In the first century BC, the Greek historian Diodorus of Sicily praised the Babylonians for their devotion to philosophy. Showing the justice of Diodorus’s comment, this is the first book to argue that there were Babylonian philosophers and that they studied knowledge systematically using a coherent system of logic rooted in the practices of cuneiform script. Van De Mieroop uncovers Babylonian approaches to knowledge in three areas: the study of language, which in its analysis of the written word formed the basis of all logic; the art of divination, which interpreted communications between gods and humans; and the rules of law, which confirmed that royal justice was founded on truth.
The result is an innovative intellectual history of the ancient Near Eastern world during the many centuries in which Babylonian philosophers inspired scholars throughout the region–until the first millennium BC, when the breakdown of this cosmopolitan system enabled others, including the Greeks, to develop alternative methods of philosophical reasoning.”
Marc Van De Mieroop, professor, is a specialist of the history of the ancient Near East from the beginning of writing to the age of Alexander of Macedon. Besides teaching at Columbia University, he has taught at the University of Oxford and at Yale University. He is the Director of Columbia’s Center for the Ancient Mediterranean and Founding Editor of the Journal of Ancient Near Eastern History.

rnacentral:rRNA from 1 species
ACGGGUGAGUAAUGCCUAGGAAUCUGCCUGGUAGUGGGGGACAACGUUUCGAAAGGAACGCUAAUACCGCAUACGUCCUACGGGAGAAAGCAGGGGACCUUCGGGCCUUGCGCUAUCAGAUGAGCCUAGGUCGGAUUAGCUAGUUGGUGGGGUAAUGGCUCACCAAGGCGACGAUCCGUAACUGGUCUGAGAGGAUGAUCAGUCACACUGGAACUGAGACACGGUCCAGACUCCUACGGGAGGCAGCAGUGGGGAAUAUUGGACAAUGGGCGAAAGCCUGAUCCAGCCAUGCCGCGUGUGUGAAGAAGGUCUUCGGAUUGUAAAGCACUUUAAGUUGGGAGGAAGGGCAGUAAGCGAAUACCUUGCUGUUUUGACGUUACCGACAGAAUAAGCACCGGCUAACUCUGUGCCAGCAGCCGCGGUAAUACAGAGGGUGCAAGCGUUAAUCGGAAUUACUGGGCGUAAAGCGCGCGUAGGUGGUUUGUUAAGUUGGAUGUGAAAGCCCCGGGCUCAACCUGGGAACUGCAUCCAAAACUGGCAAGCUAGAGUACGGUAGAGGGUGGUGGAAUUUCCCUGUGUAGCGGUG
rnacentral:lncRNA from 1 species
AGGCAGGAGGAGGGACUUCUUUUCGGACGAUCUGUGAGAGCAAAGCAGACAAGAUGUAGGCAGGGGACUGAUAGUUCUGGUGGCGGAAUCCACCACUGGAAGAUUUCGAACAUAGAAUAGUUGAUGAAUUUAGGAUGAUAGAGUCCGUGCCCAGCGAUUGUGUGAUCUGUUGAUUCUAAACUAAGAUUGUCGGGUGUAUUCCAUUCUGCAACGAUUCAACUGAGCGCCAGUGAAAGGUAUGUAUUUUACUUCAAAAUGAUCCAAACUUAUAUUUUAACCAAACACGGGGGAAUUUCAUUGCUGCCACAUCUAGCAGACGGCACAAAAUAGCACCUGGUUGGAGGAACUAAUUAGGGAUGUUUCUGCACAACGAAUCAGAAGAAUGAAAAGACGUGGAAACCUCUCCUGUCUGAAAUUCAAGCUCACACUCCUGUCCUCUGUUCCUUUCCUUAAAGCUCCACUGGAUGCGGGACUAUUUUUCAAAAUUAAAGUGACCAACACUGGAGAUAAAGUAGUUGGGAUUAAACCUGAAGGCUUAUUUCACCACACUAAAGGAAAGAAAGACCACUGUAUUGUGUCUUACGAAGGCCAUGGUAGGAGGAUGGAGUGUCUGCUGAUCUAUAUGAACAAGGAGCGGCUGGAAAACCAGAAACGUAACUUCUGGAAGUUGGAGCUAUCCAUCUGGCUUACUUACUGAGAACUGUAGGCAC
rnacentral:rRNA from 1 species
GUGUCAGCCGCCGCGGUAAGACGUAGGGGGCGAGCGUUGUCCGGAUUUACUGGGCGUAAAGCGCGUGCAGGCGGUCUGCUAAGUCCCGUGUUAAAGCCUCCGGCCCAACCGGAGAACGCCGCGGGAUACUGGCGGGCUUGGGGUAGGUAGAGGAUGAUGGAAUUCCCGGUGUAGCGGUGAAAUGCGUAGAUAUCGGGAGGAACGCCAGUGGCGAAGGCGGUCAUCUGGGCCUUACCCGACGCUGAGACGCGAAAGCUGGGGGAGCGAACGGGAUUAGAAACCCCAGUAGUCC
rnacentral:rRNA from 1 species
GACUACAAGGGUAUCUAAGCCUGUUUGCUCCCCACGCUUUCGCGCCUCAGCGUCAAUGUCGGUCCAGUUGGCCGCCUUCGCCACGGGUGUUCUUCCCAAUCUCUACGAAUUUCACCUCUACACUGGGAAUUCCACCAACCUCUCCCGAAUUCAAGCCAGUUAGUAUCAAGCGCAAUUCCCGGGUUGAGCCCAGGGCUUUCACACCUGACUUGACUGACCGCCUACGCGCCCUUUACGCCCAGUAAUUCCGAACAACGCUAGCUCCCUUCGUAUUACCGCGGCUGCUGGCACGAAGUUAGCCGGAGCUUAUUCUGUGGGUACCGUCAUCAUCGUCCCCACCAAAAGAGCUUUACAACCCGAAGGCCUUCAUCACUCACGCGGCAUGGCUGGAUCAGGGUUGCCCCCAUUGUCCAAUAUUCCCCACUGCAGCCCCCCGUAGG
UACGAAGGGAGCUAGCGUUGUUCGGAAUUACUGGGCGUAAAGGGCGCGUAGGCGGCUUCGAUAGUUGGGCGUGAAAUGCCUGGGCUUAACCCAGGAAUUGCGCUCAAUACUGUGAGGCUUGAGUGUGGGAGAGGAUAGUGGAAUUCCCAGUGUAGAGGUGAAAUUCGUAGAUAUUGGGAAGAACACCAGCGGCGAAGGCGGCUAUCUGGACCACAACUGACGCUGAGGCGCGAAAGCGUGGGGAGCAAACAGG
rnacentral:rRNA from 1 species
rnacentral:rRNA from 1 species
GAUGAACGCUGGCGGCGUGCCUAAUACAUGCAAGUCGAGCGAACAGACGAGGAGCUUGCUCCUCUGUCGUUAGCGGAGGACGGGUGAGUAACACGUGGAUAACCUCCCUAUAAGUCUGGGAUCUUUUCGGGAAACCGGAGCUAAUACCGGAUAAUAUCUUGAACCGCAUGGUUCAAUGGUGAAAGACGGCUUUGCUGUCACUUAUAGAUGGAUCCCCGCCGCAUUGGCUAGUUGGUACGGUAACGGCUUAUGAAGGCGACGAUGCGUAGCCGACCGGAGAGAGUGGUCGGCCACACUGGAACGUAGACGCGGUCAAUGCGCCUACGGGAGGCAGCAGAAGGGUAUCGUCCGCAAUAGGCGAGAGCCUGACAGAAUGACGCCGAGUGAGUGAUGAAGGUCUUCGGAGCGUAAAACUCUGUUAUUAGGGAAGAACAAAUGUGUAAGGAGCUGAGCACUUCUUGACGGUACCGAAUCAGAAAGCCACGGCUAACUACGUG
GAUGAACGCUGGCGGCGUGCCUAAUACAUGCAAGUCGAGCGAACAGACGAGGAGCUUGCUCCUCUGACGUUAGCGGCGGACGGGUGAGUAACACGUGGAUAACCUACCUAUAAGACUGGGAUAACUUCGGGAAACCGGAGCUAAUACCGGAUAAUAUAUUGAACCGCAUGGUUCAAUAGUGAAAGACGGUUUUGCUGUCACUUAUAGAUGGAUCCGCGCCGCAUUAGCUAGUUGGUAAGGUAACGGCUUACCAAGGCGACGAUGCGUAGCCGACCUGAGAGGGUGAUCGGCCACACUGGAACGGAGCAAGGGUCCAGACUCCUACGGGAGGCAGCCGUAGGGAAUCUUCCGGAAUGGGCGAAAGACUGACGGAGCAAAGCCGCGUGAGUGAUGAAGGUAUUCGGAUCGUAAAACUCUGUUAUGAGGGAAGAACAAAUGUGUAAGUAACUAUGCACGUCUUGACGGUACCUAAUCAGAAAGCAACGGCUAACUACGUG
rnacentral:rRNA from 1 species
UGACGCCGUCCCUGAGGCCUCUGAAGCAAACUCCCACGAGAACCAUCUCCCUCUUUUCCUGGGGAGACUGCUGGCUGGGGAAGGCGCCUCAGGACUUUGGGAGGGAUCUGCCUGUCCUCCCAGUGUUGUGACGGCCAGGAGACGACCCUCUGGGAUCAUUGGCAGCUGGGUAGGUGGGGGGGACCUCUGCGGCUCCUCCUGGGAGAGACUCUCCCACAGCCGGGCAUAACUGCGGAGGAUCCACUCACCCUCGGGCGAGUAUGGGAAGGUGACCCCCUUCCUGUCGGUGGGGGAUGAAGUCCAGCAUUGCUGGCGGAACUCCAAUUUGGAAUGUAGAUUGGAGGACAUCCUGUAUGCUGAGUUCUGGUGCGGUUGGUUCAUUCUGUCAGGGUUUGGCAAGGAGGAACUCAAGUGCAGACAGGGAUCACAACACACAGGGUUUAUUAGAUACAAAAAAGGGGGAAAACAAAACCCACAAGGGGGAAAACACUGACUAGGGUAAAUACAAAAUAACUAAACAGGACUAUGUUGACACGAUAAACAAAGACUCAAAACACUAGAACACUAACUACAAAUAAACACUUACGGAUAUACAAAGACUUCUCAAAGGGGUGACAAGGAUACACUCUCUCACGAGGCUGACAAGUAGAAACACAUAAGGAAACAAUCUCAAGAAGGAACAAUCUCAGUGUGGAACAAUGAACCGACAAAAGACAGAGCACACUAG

Jan Assmann, Of God and Gods: Egypt, Israel, and the Rise of Monotheism (University of Wisconsin Press)
For thousands of years, our world has been shaped by biblical monotheism. But its hallmark—a distinction between one true God and many false gods—was once a new and radical idea. Of God and Gods explores the revolutionary newness of biblical theology against a background of the polytheism that was once so commonplace.
Jan Assmann, one of the most distinguished scholars of ancient Egypt working today, traces the concept of a true religion back to its earliest beginnings in Egypt and describes how this new idea took shape in the context of the older polytheistic world that it rejected. He offers readers a deepened understanding of Egyptian polytheism and elaborates on his concept of the “Mosaic distinction,” which conceives an exclusive and emphatic Truth that sets religion apart from beliefs shunned as superstition, paganism, or heresy.